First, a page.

January Meeting Report
This year, for the first time in the 80 year history of the ASV, a January General Meeting has been scheduled. Halfway through the school holidays it became part of the activities for a Country Member get-together on the weekend 10/11 of January. My wife Ursula and I came in on the tail-end of it, in time for a tasty open air barbeque and a bit of sunspot counting with display telescopes set up in the Observatory grounds. At 20:00 we all adjourned to the Herbarium for the meeting.
The syllabus item was presented by Dr Christopher Fluke, whom we met before, you may recall, in early 2000 in his mystery quest for “Ray Bundle”, a project to build a computer model for determining the density gradients of space. This time the subject proved to be equally mysterious, with a title the audience was asked to guess from an opening series of picture snapshots through the ages: there was a drawing of Halley’s Comet of 1070CE, the Starry Night painting by Vincent van Gogh, the first Redshift Survey 1986, colliding galaxies made visible by the Hubble Space Telescope etc. Now what could be the common theme running through all of this? You guessed it? Visualising the Universe, of course, the title for tonight’s talk.
When Christopher Fluke was six years old he became fascinated with images of the universe after seeing the science fiction movie, Star Wars. Now Chris teaches at Swinburne's Centre for Astrophysics and Supercomputing and, when he gets the time, continues his astrophysical research by making movies at Swinburne about the stars, based on science fact."Our goal is to make some of the best, most realistic simulations of astronomical objects in the world, by combining our knowledge of astronomy with our computer skills", says Chris, as he blends facts with aesthetics and entertaining education.
Making sense of what we see is a controversial and much talked about scientific subject these days. It seems not only in astronomy do we need a preconceived notion, an idea, of what we are looking for; even in daily life we are told our mind sometimes ignores the new and unexpected, which we may not even see, much less recognise, unless our mind has a related pattern already stored somewhere in the brain to compare it with. Our own, private reality. We are most receptive to what we think is realistic. So, much of Dr Fluke and his team’s efforts in visualising the universe is concentrated on presenting the universe in a way our mind, with our current awareness of the facts, sees it. Because true-to-scale/time presentations of the solar system or star system are impossible to display in one picture or screen without losing all the details, a bit of poetic (or astrological?) license on comparative size and time is often used to better bring out the relevant facts. Just as it is impossible to show the structure of an atom in its true perspective, a mental environment for understanding the cosmos (or a new aspect of the universe) needs to be created first before we can hope to make sense of its details. Visualisation is a critical part in this understanding process. Visualisation speeds up our “coming to terms” with new information and prepares the mind to draw its own conclusions from such an input, or realise its implications.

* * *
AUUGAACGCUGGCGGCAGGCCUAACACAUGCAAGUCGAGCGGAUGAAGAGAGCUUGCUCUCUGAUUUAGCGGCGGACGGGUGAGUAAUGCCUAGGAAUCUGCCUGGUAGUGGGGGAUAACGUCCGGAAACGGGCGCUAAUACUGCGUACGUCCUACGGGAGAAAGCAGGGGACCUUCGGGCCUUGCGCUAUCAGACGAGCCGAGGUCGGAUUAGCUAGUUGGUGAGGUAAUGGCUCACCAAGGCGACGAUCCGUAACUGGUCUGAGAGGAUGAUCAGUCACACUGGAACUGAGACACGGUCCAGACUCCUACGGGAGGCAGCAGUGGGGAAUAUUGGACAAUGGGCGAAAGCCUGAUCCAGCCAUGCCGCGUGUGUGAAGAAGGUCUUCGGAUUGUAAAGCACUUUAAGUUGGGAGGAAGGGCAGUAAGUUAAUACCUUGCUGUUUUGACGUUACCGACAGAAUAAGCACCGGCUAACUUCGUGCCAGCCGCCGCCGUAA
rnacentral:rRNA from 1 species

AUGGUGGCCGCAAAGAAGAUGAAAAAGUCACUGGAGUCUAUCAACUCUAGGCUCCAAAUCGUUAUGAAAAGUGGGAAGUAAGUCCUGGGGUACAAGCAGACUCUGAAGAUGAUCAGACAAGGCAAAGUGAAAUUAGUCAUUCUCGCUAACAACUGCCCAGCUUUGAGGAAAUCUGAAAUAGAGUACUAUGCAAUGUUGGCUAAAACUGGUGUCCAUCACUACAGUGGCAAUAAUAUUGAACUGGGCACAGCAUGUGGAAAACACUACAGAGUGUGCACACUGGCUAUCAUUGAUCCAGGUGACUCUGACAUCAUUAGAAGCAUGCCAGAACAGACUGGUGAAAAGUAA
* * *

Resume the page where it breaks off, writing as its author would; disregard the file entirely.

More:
Even though the human mind has over time adapted to recognise a two dimensional picture as a reasonable representation of reality, true realism (and best visualisation) is still achieved with three dimensional displays. Modern high-speed computers and programs have made it possible to present the mass of data necessary for a factual, three dimensional real-time movie to be shown to an audience, and over 3000 students and visitors have visited the 3D Theatre at Swinburne over the last two years to watch shows like: Elysium 7, a tourist flight to the red planet; Our Sun, what a Star; a Flight through the Universe; and Infinity Express.
We were given a sample of “Flight through the Universe”, a movie showing what it would be like to journey from the Earth through the Solar system, through the Milky Way Galaxy and the local Supercluster, through the huge filament structures and voids of the 2dF Galaxy Redshift Survey to the end of the known Universe. A remarkable demonstration how aesthetics are matched to realism for best visualisation, graphically communicating the latest breakthroughs in our quest to understand cosmology.
The vote of appreciation was given by Barry Cleland, with the hope to see Dr Christopher Fluke again in the not-too-distant future, to hear more of his astronomical success stories.
Nb. The Swinburne Centre for Astrophysics and Supercomputing has expertise in scientific visualisation and hosts a number of public outreach and educational activities in its virtual reality theatre. Along with producing 3D movies for use in its virtual reality theatres, Swinburne has created sequences for international planetarium shows, and enabled astronomers to promote their work to the world.